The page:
“We have reshaped the Armed Forces of Liberia and the Liberia National Police, professionalized our customs and immigration services and small Liberian Coast Guard. We are proud to report that since the formal turnover of the security responsibilities to the Government, Liberia has remained stable, peaceful and secured,” she said.
On the economy, President said her government has transformed the Liberian economy in terms of growth, saying from a rate of zero, the country growth rate is now around 8.7% as indicated in 2013. She however, admitted that the recent Ebola epidemic which generated a heath catastrophic impacted commodity prices which in turn facilitated an economic downturn and slow the recovery plan.
Adding, “Liberia has adjusted, we are resilient, embracing diversification. Our focus today is towards strengthening the agriculture sector for value addition, and infrastructure development with emphasis on roads and energy for industrialization.”
The Liberian leader also informed the UN General Assembly that heretofore weak public institutions in Liberia have now re-established the capacity to respond to the needs of our citizens through decentralized county service centers that are governed by strong local government authorities.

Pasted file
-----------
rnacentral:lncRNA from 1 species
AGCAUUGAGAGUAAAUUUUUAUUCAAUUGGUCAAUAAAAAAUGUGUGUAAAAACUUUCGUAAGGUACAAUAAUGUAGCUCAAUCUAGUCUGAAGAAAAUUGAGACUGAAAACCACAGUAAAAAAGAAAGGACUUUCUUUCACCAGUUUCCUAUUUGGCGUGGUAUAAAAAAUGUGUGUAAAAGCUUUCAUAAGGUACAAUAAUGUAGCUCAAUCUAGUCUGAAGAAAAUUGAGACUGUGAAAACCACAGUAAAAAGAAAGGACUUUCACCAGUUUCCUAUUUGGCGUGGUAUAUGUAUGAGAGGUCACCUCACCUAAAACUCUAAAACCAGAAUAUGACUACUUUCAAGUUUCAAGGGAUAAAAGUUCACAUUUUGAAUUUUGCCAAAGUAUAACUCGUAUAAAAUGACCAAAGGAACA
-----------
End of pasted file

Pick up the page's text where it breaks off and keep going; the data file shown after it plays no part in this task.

“And from the tragedy of the health crisis, we are strengthening our healthcare systems, prioritizing prevention and delivering capacity at the community level,” she said.
Adding, “Poverty rate has decreased from 63.8% in 2007 to 50.9% in 2016,”
The Liberian leader said her administration has made incalculable impact on life expectancy in Liberia, noting, it has advanced from a stumpy 47 years to a hopeful 62 years with reduction in maternal death from 1400 to 1100, an annual rate of reduction of 3.4%. President also addressed the infrastructure issues in Liberia, adding, that infrastructure has been revamped and rebuilt.
“With the increasing provisions of electricity, potable water and technology, cities and towns are bustling with new life. It is now possible to receive voice and data on your phones and mobile devices from virtually everywhere in the country, at competitively low rates,” she said.
Even as access to healthcare services remain unattainable, and after UNCEF recently rated Liberia’s educational system as ‘weak’ in addition to several reports that have rated it as poor and deplorable, the Liberian leader said, “We have continued to transform the healthcare and education systems, engendered the entrepreneurial spirit in our youth, in our vibrant media and civil society.”
The Liberian leader praised the UN for its intervention and leadership role in transforming and stabilizing Liberia and Mano River sub region.
Adding, “Consider the lives saved, the wealth created, the stability assured, because this global body led at a time of great uncertainty in our sub-region and around the world. I ask member states to continue to lead, to spread the values of democracy, human rights, and good governance while strengthening solidarity for economic transformation and social resilience. It is often in times of transition that great leaders emerge and institutions are strengthened.”
In concluding, President Sirleaf described the United Nations as the preeminent world body that must continue to evolve and be more effective in serving the common interest of its member states.